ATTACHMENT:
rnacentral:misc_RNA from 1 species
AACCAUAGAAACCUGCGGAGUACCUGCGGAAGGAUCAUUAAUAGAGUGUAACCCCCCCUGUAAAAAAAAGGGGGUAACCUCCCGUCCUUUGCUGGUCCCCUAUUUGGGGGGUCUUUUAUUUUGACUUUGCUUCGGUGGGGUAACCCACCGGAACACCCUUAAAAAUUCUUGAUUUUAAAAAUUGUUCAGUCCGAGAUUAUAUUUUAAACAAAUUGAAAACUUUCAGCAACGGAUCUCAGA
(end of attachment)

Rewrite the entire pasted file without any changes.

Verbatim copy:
rnacentral:misc_RNA from 1 species
AACCAUAGAAACCUGCGGAGUACCUGCGGAAGGAUCAUUAAUAGAGUGUAACCCCCCCUGUAAAAAAAAGGGGGUAACCUCCCGUCCUUUGCUGGUCCCCUAUUUGGGGGGUCUUUUAUUUUGACUUUGCUUCGGUGGGGUAACCCACCGGAACACCCUUAAAAAUUCUUGAUUUUAAAAAUUGUUCAGUCCGAGAUUAUAUUUUAAACAAAUUGAAAACUUUCAGCAACGGAUCUCAGA